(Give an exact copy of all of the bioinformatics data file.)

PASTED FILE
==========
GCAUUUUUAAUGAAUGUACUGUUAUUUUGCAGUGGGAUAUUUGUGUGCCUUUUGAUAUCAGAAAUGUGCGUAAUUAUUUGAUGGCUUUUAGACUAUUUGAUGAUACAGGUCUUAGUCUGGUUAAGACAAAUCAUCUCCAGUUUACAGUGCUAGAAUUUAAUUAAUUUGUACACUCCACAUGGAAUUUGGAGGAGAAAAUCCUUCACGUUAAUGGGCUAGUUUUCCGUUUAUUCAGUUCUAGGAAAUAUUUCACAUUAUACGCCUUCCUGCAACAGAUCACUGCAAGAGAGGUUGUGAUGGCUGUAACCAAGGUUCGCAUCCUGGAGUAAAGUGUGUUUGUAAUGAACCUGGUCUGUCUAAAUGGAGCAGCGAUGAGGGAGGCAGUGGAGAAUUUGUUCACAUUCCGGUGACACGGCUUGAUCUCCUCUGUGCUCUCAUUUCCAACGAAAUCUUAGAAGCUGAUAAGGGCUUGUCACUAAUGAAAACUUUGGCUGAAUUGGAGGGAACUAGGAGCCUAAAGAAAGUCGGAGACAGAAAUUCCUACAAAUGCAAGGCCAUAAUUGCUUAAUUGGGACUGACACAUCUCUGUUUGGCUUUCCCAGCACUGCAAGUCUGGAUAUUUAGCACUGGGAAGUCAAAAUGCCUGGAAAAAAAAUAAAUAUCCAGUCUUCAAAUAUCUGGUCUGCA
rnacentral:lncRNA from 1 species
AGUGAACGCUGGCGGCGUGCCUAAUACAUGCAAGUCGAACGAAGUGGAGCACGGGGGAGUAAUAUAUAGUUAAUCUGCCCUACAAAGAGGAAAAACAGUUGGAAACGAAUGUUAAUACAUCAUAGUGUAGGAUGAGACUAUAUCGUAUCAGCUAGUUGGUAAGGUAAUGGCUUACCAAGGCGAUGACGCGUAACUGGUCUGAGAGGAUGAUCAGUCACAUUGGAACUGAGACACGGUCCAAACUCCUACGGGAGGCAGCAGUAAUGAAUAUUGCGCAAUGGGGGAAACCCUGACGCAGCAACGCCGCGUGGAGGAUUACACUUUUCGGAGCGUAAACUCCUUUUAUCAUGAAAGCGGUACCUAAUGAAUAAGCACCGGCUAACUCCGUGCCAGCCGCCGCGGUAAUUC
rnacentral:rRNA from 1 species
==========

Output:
GCAUUUUUAAUGAAUGUACUGUUAUUUUGCAGUGGGAUAUUUGUGUGCCUUUUGAUAUCAGAAAUGUGCGUAAUUAUUUGAUGGCUUUUAGACUAUUUGAUGAUACAGGUCUUAGUCUGGUUAAGACAAAUCAUCUCCAGUUUACAGUGCUAGAAUUUAAUUAAUUUGUACACUCCACAUGGAAUUUGGAGGAGAAAAUCCUUCACGUUAAUGGGCUAGUUUUCCGUUUAUUCAGUUCUAGGAAAUAUUUCACAUUAUACGCCUUCCUGCAACAGAUCACUGCAAGAGAGGUUGUGAUGGCUGUAACCAAGGUUCGCAUCCUGGAGUAAAGUGUGUUUGUAAUGAACCUGGUCUGUCUAAAUGGAGCAGCGAUGAGGGAGGCAGUGGAGAAUUUGUUCACAUUCCGGUGACACGGCUUGAUCUCCUCUGUGCUCUCAUUUCCAACGAAAUCUUAGAAGCUGAUAAGGGCUUGUCACUAAUGAAAACUUUGGCUGAAUUGGAGGGAACUAGGAGCCUAAAGAAAGUCGGAGACAGAAAUUCCUACAAAUGCAAGGCCAUAAUUGCUUAAUUGGGACUGACACAUCUCUGUUUGGCUUUCCCAGCACUGCAAGUCUGGAUAUUUAGCACUGGGAAGUCAAAAUGCCUGGAAAAAAAAUAAAUAUCCAGUCUUCAAAUAUCUGGUCUGCA
rnacentral:lncRNA from 1 species
AGUGAACGCUGGCGGCGUGCCUAAUACAUGCAAGUCGAACGAAGUGGAGCACGGGGGAGUAAUAUAUAGUUAAUCUGCCCUACAAAGAGGAAAAACAGUUGGAAACGAAUGUUAAUACAUCAUAGUGUAGGAUGAGACUAUAUCGUAUCAGCUAGUUGGUAAGGUAAUGGCUUACCAAGGCGAUGACGCGUAACUGGUCUGAGAGGAUGAUCAGUCACAUUGGAACUGAGACACGGUCCAAACUCCUACGGGAGGCAGCAGUAAUGAAUAUUGCGCAAUGGGGGAAACCCUGACGCAGCAACGCCGCGUGGAGGAUUACACUUUUCGGAGCGUAAACUCCUUUUAUCAUGAAAGCGGUACCUAAUGAAUAAGCACCGGCUAACUCCGUGCCAGCCGCCGCGGUAAUUC
rnacentral:rRNA from 1 species